Brush Klean-Strip on a metal surface and you’ll be able to easily strip off paint, epoxy, or polyurethane. Ideal for metal, this product also works on masonry and wood without damaging the surface or lifting wood grain. After just 15 minutes, it can remove multiple layers of paint or other products—but in some cases, you’ll need to let the product sit on the surface for longer. For especially old or thick paint, you might need to do a few rounds of application.

The product is a thick paste that clings well even to vertical surfaces, so you won't have to worry about drips.

Best Fast-Acting: Sunnyside 2-Minute Remover ADVANCED Detailing Liquid Paint & Varnish Remover

2 Minute Remover Advanced Detailing Liquid

Courtesy of Amazon

What We Like
  • Methylene chloride free

  • Works quickly

What We Don't Like
  • Thinner consistency than many other strippers

In many cases, paint removers require a great deal of time to take action—you have to apply, then wait, then remove. And that waiting time in the middle can eat up a big chunk of your day. If you’re looking to speed up the process, try this fast-acting paint and varnish remover from Sunnyside Corporation. 

It works in mere minutes to remove several layers of paint. It’s particularly adept at dealing with paint that’s in nooks and crannies or on textured surfaces. For more complicated jobs, you’ll want to leave the paint on for a longer period of time, but most situations will be resolved in two minutes.

This paint remover can be used on several different types of surfaces—both wood and metal, for instance. It can also remove a wide variety of paints, including oil-based and latex paints, as well as varnishes and finishes. 

For tough jobs, you may find that you’ll need multiple coats, but in most cases, this paint remover will complete the job in just a few minutes.

What Our Experts Say

Tips for DIY Painters: “Set aside some of the paint in a tight-lidded plastic container for touch-ups. Store the container inside the home—when stored outside it falls victim to temperature fluctuations—and label it, including where it was purchased, any color codes, and where the paint was used. I have had perfect touch-ups as long as 12 years after the original paint job by doing this. When you store small amounts of paint in a large paint can, the paint will deteriorate even if the can is sealed.”  Geoff Cook, owner of Handyman Connection of Pensacola

Best for Latex Paint: Krud Kutter Latex Paint Remover

Krud Kutter Latex Paint Remover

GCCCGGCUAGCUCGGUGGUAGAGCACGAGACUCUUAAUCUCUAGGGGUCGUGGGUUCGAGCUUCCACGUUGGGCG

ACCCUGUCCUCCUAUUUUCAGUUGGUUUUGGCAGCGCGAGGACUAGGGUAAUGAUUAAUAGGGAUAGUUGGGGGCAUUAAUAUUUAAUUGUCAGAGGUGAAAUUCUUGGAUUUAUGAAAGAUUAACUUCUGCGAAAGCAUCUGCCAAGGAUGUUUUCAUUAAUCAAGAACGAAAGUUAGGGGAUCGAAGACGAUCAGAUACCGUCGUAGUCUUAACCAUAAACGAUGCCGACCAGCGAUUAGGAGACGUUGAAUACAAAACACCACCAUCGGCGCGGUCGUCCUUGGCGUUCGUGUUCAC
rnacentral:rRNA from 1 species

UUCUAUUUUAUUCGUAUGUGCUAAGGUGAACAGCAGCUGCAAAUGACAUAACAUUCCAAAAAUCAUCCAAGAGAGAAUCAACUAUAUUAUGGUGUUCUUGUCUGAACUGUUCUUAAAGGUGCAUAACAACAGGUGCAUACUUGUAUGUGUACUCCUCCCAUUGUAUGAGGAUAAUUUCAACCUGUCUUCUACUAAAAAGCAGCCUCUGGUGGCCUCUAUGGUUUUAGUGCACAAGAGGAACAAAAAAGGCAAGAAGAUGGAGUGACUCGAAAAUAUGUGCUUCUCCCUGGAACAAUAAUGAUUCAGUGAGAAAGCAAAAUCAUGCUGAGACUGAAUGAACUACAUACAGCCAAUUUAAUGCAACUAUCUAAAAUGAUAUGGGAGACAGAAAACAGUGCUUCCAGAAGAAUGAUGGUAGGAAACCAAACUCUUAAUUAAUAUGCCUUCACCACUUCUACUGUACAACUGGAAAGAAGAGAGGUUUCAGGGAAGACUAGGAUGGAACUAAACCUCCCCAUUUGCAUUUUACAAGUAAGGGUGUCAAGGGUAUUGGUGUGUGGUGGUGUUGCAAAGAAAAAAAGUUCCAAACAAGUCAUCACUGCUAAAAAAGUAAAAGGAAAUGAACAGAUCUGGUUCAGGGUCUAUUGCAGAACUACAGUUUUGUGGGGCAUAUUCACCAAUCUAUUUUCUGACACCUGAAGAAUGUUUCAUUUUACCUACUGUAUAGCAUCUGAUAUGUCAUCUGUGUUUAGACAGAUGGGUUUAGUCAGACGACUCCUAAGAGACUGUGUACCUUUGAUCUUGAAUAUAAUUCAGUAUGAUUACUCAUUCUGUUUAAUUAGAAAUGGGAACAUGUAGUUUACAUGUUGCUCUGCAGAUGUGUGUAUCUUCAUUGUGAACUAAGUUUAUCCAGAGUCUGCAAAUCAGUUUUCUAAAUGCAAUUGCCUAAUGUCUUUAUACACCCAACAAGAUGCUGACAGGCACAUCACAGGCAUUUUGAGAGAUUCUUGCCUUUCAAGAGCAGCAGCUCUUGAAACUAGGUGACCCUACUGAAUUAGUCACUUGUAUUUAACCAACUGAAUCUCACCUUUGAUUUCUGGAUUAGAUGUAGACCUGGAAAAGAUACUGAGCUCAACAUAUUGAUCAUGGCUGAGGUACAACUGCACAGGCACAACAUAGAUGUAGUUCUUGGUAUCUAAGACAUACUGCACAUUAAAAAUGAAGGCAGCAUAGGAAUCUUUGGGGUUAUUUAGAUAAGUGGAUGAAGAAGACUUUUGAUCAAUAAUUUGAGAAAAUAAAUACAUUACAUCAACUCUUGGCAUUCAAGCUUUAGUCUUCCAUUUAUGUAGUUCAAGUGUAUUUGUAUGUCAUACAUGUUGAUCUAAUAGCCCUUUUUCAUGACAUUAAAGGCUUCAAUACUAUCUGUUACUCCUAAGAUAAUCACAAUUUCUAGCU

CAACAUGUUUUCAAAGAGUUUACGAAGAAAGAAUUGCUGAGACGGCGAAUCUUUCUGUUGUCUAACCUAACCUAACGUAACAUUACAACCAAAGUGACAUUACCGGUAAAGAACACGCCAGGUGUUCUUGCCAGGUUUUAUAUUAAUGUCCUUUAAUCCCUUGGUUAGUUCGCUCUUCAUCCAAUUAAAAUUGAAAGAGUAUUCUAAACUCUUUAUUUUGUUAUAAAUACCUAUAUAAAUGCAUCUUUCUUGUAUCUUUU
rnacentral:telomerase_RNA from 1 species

Courtesy of Home Depot

What We Like
  • Biodegradable, low VOC formula

  • Removes paint from carpet and fabric

  • Reasonable price

What We Don't Like
  • Can run or drip on vertical surfaces

Latex paint is commonly used to paint the interiors of homes. If the paint has dripped from the walls onto the floor, or if you need to remove several layers, a spray bottle of Krud Kutter can help. 

This versatile spray can be used on hard, soft, and porous surfaces—it removes paint from carpets just as adeptly as it does from harder surfaces like brick and tile. The product is effective at removing both fresh and dried paint. 

Krud Kutter’s spray bottle makes it convenient to use—just spray on the paint, let it sit for several moments, and then wipe it off, following up with soap and water. This paint remover can be used both indoors and outside. You’ll find that Krud Kutter is both easy to use and effective. While there is an odor to it, the manufacturer notes that the product is both biodegradable and low in VOCs.

Best for Metal: Rust-Oleum Aircraft Remover

Rust-Oleum 323172 Aircraft Remover

Courtesy of Amazon

What We Like
  • Very effective on metal

  • Methylene chloride-free

  • Doesn't drip or run

What We Don't Like
  • Strong odor

  • Somewhat expensive

This product from Rust-Oleum is ideal for removing all sorts of finishes, including paint, acrylic, lacquer, epoxy, and polyurethane from metal surfaces without corrosion or damage. That makes it particularly well suited for removing paint from your car, truck, or any other metal surface. 

The product will take up to 45 minutes to work, and it should not be used on fiberglass or plastic surfaces. Since it’s a gel, not a liquid, you won’t have to worry about drips or the product straying from its original application spot. Make sure to use this paint remover outside for maximum ventilation.

Final Verdict

For nearly all paint-stripping jobs, we recommend Citristrip Paint & Varnish Stripping Gel (view at Lowe's). Used for both inside and outside projects, it lacks the noxious odors of other paint strippers yet is still highly effective. If you're specifically working on an indoor job, check out Dumond's Smart Strip Advanced Paint Remover (view at Amazon).

What to Look for in a Paint Stripper

Type

There are four main types of paint strippers: solvent, caustic, biochemical, and zero-VOC. Each kind has its strengths and weaknesses, so you must understand the differences between them to choose the best paint stripper for removing paint, epoxy, or even polyurethane.

  • Solvents are the most common and versatile type of paint stripper. They are made with powerful chemicals that break down the bond between the paint and the surface. These paint strippers are effective for removing paint, epoxy, and polyurethane from wood, masonry, and metal surfaces. However, they may also contain ingredients with very high VOC content, like methylene chloride. Many of today's solvents, however, substitute alcohols for more toxic methylene chloride.
  • Caustic paint strippers interact with the paint on a chemical level to change the paint into more of a soapy substance, which loosens the bond between the paint and the target surface. These alkaline paint strippers must be neutralized with a water-and-vinegar solution after use to return the surface to a neutral pH of 7. Use caustic paint strippers for paint on masonry surfaces (such as when removing paint from brick). Keep in mind that these paint strippers don't work on epoxy or polyurethane.